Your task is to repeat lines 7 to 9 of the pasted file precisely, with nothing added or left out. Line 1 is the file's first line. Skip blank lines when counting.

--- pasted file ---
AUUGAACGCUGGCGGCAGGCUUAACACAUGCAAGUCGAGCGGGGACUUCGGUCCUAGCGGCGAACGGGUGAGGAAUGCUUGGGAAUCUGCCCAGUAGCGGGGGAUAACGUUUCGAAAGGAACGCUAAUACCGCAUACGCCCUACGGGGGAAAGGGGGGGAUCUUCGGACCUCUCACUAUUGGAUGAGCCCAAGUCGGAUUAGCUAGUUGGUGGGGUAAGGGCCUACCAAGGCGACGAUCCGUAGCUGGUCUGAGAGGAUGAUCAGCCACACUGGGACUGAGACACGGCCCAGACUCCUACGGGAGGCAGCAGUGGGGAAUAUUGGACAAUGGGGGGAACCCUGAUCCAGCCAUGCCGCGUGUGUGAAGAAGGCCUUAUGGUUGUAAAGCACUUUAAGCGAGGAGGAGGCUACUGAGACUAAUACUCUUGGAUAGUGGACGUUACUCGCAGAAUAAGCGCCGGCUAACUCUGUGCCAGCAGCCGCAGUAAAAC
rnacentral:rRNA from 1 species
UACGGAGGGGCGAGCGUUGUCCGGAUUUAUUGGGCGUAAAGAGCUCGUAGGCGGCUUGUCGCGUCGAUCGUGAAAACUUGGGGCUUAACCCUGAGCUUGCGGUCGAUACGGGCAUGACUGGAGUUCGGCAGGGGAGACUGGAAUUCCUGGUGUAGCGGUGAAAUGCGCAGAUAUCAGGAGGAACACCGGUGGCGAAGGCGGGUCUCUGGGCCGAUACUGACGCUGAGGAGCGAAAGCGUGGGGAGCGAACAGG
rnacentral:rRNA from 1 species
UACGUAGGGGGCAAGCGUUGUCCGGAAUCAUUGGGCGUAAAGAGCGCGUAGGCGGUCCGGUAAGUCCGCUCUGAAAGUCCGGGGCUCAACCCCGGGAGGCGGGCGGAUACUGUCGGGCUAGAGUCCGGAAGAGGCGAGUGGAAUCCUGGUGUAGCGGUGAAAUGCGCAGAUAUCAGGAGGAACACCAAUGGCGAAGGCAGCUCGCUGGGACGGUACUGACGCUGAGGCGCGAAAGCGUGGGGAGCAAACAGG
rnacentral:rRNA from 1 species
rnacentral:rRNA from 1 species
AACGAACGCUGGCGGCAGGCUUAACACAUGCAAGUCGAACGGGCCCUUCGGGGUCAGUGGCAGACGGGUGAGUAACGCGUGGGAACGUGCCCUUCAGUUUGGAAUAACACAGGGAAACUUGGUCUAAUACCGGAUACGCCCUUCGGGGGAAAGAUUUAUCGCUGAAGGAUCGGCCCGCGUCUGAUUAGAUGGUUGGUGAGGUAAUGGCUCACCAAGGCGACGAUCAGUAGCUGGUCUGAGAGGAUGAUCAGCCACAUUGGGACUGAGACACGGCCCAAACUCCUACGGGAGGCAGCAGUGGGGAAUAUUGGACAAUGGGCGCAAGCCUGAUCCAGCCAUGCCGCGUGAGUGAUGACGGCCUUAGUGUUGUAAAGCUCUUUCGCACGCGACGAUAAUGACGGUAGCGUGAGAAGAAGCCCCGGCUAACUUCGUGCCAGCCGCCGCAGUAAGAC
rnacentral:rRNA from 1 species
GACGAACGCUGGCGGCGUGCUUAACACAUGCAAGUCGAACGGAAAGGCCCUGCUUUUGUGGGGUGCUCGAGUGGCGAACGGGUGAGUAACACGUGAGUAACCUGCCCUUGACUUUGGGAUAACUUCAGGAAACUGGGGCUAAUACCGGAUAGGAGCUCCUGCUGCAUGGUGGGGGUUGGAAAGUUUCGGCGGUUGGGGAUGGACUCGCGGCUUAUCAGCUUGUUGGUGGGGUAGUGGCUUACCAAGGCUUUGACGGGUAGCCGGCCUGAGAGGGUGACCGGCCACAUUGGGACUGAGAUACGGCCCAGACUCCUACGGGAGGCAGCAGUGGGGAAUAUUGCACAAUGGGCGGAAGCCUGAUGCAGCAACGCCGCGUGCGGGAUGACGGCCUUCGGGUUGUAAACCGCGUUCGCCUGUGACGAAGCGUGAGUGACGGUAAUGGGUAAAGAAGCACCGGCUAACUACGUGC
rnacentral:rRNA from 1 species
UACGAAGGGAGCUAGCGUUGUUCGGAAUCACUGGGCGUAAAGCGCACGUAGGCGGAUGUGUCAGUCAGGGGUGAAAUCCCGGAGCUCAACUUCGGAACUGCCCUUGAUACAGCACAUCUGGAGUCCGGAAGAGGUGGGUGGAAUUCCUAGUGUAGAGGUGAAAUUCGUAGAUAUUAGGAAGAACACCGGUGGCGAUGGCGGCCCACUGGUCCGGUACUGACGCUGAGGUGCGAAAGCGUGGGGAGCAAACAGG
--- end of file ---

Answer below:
rnacentral:rRNA from 1 species
AACGAACGCUGGCGGCAGGCUUAACACAUGCAAGUCGAACGGGCCCUUCGGGGUCAGUGGCAGACGGGUGAGUAACGCGUGGGAACGUGCCCUUCAGUUUGGAAUAACACAGGGAAACUUGGUCUAAUACCGGAUACGCCCUUCGGGGGAAAGAUUUAUCGCUGAAGGAUCGGCCCGCGUCUGAUUAGAUGGUUGGUGAGGUAAUGGCUCACCAAGGCGACGAUCAGUAGCUGGUCUGAGAGGAUGAUCAGCCACAUUGGGACUGAGACACGGCCCAAACUCCUACGGGAGGCAGCAGUGGGGAAUAUUGGACAAUGGGCGCAAGCCUGAUCCAGCCAUGCCGCGUGAGUGAUGACGGCCUUAGUGUUGUAAAGCUCUUUCGCACGCGACGAUAAUGACGGUAGCGUGAGAAGAAGCCCCGGCUAACUUCGUGCCAGCCGCCGCAGUAAGAC
rnacentral:rRNA from 1 species